The English Patient
By Michael Ondaatje
- Date finished: October 31, 2014
- Genre: Fiction
- Year: 1992
- Project: n/a
- Reading List: Fall 2014, Booker Award Winners
- Grade: B-
- Thoughts upon reading:
Finally, a book receives a less-than-stellar grade this fall. Well, I guess I shouldn’t say finally, like I was waiting for a bad book. Because I wasn’t. It’s just that some books are less awesome than others, and I knew my streak of amazing books had to end sometime.
This is not to say that The English Patient was bad, because it wasn’t … that bad. It just wasn’t … as good as it could have been? The English Patient tells the story of four individuals camping out in a ruined Italian villa in the waning days of World War II – a young Canadian nurse who’s abandoned her work to obsessively tend to one man – one they all call the English patient – who has been burnt beyond recognition. There’s also an Italian thief and former spy, and a young Indian man fighting for the British who is exceptionally talented at disarming bombs. Together, they must confront their own past and what the war had made them, while also trying to learn the identity of the English patient who carries a patched-together copy of Herotodus and speaks of deserts.
I knew of this book, obviously, because of the movie and the fact that it won the Booker Prize. Also, from the Seinfeld episode where Elaine can’t stand the book, even though everyone else is raving about it (how do I know this? I have no idea because I never watched Seinfeld! I blame the husband). The thing, is, though, I can see where the Seinfeld episode is coming from. Yes, this is a “good book”, and it’s a smart book. It’s expertly written and tackles subjects like war, and love, and betrayal. It’s a sweeping, tragic romance. I’ve never seen the movie, but I can see where this story can seem like a “big deal” in the literary world, and how people would be falling all over themselves to talk about how they just adore it.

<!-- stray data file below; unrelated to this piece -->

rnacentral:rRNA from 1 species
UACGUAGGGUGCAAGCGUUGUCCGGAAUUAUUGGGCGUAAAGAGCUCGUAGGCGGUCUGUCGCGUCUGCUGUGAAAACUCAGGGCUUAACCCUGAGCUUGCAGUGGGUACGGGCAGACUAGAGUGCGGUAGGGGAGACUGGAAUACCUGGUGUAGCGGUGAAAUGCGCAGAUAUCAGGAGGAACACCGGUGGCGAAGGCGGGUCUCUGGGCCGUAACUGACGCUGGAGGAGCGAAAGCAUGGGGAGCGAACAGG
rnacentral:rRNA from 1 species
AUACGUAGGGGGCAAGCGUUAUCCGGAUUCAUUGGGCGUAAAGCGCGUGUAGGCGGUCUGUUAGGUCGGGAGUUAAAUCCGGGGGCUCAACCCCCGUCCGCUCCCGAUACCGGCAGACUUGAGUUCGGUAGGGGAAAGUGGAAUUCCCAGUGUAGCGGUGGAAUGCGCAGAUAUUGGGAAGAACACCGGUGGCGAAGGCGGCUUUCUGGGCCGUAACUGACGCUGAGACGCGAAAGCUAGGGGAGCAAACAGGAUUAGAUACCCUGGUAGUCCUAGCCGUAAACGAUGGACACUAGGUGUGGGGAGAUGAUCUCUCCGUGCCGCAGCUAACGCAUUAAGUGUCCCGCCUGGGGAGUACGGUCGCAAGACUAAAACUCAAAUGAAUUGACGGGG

But, I don’t know, I guess it just wasn’t for me. I think it was because I couldn’t muster up the energy to care for these characters. Tragic figures emerging from the ruin of war isn’t a new trope, and I don’t think this book brought anything remarkably new to the table. Plus, I think I got a little confused: am I supposed to care for the four people in the villa, or is the English patient supposed to be the center of the story? And if so, how does he relate to the nurse, the thief, the bomb-disarmer? All three carry plenty of emotional baggage – most of which is explored – but they seem to operate in separate spheres. Plus, at the end, everything suddenly becomes about race – the Indian man becomes enraged when he learns the Allies have dropped atomic bombs on Japan; he accuses his three companions of siding against the brown people of the world. But before this, nothing was about race – I mean, not really. Especially in the English patient’s story, which takes place in the Sahara and should involve plenty of brown people … but it doesn’t …
You can see where my thoughts are with this book – all over the place, and not in a good way. I will say that I did enjoy the English patient’s story; it’s not often that you read that kind of story – scientists and geologists exploring the desert in the early 20th century. It seems a world full of mystery and danger, and one I’ve never really visited. Unfortunately, the rest of the book just couldn’t live up to this kind of quality. Just call me Elaine, I guess.